My boyfriend went to boarding school in England. As a result, he has a tendency to say things like 'jolly' and 'horrid' in a completely unironic way. This is something I've always been aware of (and frequently joke about) but I learned something entirely new yesterday, something which means his memories of Pancake Tuesday are completely different to mine.
"We used to have to get up early in the morning and go for a ten-mile run," he told me, with a wry smile. "It was called the Pancake Race. All I remember of Pancake Tuesday is running through mud in the cold. We didn't even get pancakes when it was all over."
I know the aim of English boarding schools used to be to make men of whimpering little boys but depriving children of pancakes is grim. It's also a total contrast to my memory of Pancake Tuesday.
I remember coming home from school to find my mum standing in front of the range, a huge pitcher of pancake batter in one hand, a hot frying pan in the other and an ever-increasing pile of pancakes by her side. On the table, there would be lemons and caster sugar.
Us greedy children would help ourselves to a pancake, sit at the table, sprinkle on some sugar, squeeze over some lemon juice, roll the pancake, gobble it down and then line up for another one. We'd do this over and over and over again until the batter had been used up, our mother was exhausted and we were delightfully stuffed with pancakes.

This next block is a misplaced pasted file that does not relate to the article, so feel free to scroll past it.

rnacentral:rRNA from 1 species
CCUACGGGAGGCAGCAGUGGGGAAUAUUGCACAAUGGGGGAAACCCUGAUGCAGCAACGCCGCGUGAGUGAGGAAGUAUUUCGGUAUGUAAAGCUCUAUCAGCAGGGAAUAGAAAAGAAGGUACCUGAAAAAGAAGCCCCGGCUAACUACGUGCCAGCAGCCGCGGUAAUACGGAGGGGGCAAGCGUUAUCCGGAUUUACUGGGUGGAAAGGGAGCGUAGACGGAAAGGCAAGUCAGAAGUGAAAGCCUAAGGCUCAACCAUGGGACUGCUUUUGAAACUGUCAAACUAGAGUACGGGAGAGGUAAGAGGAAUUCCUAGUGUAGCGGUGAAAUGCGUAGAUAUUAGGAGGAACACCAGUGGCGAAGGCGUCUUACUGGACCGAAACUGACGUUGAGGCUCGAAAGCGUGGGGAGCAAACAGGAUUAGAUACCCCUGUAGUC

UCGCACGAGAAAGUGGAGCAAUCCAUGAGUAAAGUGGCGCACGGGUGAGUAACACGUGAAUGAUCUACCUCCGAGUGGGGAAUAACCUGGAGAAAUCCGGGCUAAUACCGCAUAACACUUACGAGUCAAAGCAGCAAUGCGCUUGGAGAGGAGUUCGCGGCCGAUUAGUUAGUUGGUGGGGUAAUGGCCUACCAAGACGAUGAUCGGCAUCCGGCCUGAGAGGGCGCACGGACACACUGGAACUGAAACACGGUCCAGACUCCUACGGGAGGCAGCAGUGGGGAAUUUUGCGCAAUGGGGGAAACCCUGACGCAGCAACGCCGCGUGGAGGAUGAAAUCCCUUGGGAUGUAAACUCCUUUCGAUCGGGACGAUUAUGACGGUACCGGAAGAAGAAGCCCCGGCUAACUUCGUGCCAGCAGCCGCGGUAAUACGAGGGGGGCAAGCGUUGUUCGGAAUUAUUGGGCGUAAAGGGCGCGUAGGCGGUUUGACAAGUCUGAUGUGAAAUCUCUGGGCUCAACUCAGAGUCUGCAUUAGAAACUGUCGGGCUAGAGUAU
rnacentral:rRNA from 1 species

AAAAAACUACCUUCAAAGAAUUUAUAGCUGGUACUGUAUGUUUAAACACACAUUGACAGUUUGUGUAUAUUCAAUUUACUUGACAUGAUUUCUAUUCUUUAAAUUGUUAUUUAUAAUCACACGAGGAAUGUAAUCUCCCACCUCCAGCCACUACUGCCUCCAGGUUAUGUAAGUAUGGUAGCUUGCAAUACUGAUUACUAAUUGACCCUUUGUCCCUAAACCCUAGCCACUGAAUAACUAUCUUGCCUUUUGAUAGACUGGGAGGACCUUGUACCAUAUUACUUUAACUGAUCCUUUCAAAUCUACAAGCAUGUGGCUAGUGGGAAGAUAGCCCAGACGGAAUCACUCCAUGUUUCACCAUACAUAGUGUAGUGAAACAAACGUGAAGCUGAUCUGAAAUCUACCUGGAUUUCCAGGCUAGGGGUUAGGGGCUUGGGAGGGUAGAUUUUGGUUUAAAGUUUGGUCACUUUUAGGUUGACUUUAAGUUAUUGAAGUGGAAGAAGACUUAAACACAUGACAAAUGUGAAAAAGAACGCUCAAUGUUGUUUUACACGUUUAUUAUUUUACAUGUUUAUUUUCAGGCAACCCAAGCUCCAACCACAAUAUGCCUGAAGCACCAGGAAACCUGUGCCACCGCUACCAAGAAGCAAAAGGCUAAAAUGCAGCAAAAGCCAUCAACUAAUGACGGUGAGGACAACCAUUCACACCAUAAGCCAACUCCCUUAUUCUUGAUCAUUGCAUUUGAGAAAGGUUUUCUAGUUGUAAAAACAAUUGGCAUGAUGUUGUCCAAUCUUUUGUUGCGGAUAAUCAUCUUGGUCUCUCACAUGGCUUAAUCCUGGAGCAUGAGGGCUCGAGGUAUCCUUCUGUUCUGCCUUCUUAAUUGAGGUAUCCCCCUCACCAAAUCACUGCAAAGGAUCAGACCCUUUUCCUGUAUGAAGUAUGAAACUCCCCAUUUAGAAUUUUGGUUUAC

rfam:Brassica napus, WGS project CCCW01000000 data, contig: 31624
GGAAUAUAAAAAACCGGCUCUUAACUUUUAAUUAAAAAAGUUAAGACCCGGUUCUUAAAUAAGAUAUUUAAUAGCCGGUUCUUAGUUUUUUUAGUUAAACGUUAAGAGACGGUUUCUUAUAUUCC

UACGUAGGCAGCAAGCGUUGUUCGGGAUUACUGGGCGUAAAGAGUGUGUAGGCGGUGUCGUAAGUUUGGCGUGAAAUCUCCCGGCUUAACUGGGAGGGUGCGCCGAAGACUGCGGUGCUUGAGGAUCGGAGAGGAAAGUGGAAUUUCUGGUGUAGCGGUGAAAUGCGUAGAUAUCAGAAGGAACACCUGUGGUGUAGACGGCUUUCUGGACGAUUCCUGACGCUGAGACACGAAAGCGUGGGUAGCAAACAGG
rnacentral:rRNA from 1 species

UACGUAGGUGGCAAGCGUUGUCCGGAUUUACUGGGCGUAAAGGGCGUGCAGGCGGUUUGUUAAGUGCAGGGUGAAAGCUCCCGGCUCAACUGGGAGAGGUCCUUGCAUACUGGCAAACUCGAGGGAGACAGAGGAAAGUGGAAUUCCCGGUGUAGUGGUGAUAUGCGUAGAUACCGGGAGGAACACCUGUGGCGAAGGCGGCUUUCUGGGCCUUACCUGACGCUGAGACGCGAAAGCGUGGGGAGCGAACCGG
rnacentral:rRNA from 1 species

To compensate my boyfriend for his lack of such warm memories of pancakes, I was going to make him American-style pancakes with bacon and maple syrup this morning. However, he needed to leave for work quite early and thought they'd be too heavy for breakfast. In fact, he said he'd prefer to have pancakes as brunch at the weekend.
"Can we put Pancake Tuesday off for a few days?" were his exact words.
I may have told him we could but I didn't really mean it. I'm not going to have pancakes for breakfast and I won't have pancakes for dinner but I didn't say anything about lunch. For lunch, I'm going to have the most amazing pancakes of all.
I'm not going to have pancakes the way my mum used to make them. This is because today I want spicy food instead of sweet. I want food that challenges the taste buds instead of comforting them. I want something excitingly exotic instead of reassuringly traditional.
You may think that pancakes couldn't possibly provide what I'm looking for but according to Yotam Ottolenghi and his wonderful cookbook Plenty, they most certainly can. This is his vegetarian version of Vietnamese Bánh Xeo; traditionally sold from family-run street kitchens. It's full of fresh flavours and crunchy textures. It's spicy. And it's absolutely what I'm looking for.
200g rice flour
1 small egg
1/2 tsp salt
1 tsp turmeric
400ml canned coconut milk
A little bit of sunflower oil
40ml lime juice
1 and 1/2 tbsp toasted sesame oil
1 tbsp brown sugar
1 tbsp rice wine vinegar
1 tbsp kecap manis (sweeted soy sauce)
2 tsp grated fresh root ginger
1 clove garlic, crushed
1 fresh red chilli, finely chopped
1/2 tsp salt
1 large carrot, peeled and shredded
1 mooli, peeled and shredded *
4 spring onions, sliced at an angle
1 fresh green chilli, sliced into long, thin strips
80g mangetout, sliced into long, thin strips
15g coriander, roughly chopped
15g Thai basil, torn
15g mint, roughly chopped
100g mung bean sprouts
100g enoki mushrooms*
*I was unable to source the mooli and enoki mushrooms at short notice and made mine without. It was still delicious.
My boyfriend is really missing out by not having these. But I'll make up for it by making him pancakes with bacon and maple syrup on Sunday. I'm also craving some blinis with smoked salmon so I might just make those at some stage too. Pancakes aren't just for Tuesdays, you know. There's one to suit every day and every occasion.